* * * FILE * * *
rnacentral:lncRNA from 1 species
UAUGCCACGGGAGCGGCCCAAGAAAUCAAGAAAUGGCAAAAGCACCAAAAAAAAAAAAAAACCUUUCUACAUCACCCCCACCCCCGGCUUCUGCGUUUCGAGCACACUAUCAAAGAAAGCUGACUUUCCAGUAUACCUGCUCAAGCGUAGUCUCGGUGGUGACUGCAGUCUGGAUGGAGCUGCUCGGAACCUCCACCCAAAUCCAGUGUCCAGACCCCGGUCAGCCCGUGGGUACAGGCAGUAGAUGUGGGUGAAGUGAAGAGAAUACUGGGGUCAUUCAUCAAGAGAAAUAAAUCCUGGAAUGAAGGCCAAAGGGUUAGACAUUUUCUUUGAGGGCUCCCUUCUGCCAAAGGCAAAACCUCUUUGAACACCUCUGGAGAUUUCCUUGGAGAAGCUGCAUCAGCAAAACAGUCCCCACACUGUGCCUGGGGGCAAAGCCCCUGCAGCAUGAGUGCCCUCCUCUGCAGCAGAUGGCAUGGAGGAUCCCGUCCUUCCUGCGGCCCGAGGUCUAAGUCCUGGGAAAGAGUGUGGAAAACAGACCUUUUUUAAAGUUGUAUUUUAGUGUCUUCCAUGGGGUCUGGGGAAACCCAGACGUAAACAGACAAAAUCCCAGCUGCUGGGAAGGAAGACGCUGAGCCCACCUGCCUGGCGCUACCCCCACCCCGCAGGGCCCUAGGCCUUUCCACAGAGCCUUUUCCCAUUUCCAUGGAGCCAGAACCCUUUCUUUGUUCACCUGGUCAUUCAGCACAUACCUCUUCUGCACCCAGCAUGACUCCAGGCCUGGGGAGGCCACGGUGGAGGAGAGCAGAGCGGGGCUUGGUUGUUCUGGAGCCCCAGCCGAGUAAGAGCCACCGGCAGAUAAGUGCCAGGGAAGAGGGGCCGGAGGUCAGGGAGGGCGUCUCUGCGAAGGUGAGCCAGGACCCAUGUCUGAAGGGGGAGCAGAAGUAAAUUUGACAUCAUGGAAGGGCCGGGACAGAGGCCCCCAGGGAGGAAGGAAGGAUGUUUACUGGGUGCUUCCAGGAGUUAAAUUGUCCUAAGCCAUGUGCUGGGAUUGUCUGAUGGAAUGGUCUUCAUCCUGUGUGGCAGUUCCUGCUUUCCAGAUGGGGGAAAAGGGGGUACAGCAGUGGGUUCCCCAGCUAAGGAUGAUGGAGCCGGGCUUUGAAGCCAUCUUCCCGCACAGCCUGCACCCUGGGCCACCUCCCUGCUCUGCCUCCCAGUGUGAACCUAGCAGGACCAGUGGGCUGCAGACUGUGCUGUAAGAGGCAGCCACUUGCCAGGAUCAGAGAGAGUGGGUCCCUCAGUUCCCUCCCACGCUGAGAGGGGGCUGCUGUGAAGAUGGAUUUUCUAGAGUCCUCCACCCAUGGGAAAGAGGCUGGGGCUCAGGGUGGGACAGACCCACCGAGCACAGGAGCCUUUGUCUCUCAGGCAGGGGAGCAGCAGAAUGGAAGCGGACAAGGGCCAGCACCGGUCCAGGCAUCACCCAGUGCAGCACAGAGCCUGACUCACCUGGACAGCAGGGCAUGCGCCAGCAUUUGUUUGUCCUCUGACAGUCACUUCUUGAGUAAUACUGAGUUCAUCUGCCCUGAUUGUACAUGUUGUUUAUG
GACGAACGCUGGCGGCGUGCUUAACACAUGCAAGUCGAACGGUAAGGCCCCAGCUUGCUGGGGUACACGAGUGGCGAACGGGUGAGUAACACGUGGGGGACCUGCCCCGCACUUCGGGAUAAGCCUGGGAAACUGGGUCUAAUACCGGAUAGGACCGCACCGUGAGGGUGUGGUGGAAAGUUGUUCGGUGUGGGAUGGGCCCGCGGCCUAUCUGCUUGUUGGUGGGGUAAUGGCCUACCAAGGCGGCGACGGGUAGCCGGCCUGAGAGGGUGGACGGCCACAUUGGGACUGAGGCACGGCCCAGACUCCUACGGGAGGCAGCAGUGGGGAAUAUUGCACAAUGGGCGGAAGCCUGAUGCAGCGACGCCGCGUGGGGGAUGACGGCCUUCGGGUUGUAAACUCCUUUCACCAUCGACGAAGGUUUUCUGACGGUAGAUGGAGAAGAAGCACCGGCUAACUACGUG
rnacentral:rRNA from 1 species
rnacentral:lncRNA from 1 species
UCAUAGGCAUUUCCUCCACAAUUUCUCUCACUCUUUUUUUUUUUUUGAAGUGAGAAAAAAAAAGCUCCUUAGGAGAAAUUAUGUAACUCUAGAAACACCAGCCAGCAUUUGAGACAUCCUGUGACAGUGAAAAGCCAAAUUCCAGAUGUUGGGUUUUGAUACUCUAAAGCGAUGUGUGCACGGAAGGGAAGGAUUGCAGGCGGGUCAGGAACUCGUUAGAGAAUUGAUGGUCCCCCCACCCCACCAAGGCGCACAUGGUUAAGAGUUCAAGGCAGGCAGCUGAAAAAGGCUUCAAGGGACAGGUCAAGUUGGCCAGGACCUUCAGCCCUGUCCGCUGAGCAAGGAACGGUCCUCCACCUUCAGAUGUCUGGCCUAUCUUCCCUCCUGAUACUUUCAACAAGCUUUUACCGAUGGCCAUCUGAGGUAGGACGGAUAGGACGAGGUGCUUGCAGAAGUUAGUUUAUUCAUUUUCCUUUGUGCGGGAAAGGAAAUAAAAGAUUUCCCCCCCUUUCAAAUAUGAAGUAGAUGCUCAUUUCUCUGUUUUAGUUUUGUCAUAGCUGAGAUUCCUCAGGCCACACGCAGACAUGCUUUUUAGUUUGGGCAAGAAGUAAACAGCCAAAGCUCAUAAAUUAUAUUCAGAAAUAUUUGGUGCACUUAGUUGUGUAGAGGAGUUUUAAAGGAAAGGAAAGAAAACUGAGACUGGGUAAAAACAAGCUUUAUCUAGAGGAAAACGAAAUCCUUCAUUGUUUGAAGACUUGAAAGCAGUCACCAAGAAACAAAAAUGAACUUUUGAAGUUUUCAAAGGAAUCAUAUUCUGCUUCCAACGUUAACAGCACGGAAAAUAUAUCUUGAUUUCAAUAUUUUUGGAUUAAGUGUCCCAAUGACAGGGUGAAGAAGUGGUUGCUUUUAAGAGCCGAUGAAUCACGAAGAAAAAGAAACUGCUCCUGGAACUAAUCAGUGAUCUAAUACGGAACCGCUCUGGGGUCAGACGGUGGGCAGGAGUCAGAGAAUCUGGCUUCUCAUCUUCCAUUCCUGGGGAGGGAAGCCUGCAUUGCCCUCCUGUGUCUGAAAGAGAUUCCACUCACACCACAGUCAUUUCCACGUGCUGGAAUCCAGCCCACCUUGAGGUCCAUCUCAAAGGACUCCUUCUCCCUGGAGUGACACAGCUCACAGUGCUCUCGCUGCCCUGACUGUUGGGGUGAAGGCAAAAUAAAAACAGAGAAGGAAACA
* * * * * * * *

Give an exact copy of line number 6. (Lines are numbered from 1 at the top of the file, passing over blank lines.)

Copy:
UCAUAGGCAUUUCCUCCACAAUUUCUCUCACUCUUUUUUUUUUUUUGAAGUGAGAAAAAAAAAGCUCCUUAGGAGAAAUUAUGUAACUCUAGAAACACCAGCCAGCAUUUGAGACAUCCUGUGACAGUGAAAAGCCAAAUUCCAGAUGUUGGGUUUUGAUACUCUAAAGCGAUGUGUGCACGGAAGGGAAGGAUUGCAGGCGGGUCAGGAACUCGUUAGAGAAUUGAUGGUCCCCCCACCCCACCAAGGCGCACAUGGUUAAGAGUUCAAGGCAGGCAGCUGAAAAAGGCUUCAAGGGACAGGUCAAGUUGGCCAGGACCUUCAGCCCUGUCCGCUGAGCAAGGAACGGUCCUCCACCUUCAGAUGUCUGGCCUAUCUUCCCUCCUGAUACUUUCAACAAGCUUUUACCGAUGGCCAUCUGAGGUAGGACGGAUAGGACGAGGUGCUUGCAGAAGUUAGUUUAUUCAUUUUCCUUUGUGCGGGAAAGGAAAUAAAAGAUUUCCCCCCCUUUCAAAUAUGAAGUAGAUGCUCAUUUCUCUGUUUUAGUUUUGUCAUAGCUGAGAUUCCUCAGGCCACACGCAGACAUGCUUUUUAGUUUGGGCAAGAAGUAAACAGCCAAAGCUCAUAAAUUAUAUUCAGAAAUAUUUGGUGCACUUAGUUGUGUAGAGGAGUUUUAAAGGAAAGGAAAGAAAACUGAGACUGGGUAAAAACAAGCUUUAUCUAGAGGAAAACGAAAUCCUUCAUUGUUUGAAGACUUGAAAGCAGUCACCAAGAAACAAAAAUGAACUUUUGAAGUUUUCAAAGGAAUCAUAUUCUGCUUCCAACGUUAACAGCACGGAAAAUAUAUCUUGAUUUCAAUAUUUUUGGAUUAAGUGUCCCAAUGACAGGGUGAAGAAGUGGUUGCUUUUAAGAGCCGAUGAAUCACGAAGAAAAAGAAACUGCUCCUGGAACUAAUCAGUGAUCUAAUACGGAACCGCUCUGGGGUCAGACGGUGGGCAGGAGUCAGAGAAUCUGGCUUCUCAUCUUCCAUUCCUGGGGAGGGAAGCCUGCAUUGCCCUCCUGUGUCUGAAAGAGAUUCCACUCACACCACAGUCAUUUCCACGUGCUGGAAUCCAGCCCACCUUGAGGUCCAUCUCAAAGGACUCCUUCUCCCUGGAGUGACACAGCUCACAGUGCUCUCGCUGCCCUGACUGUUGGGGUGAAGGCAAAAUAAAAACAGAGAAGGAAACA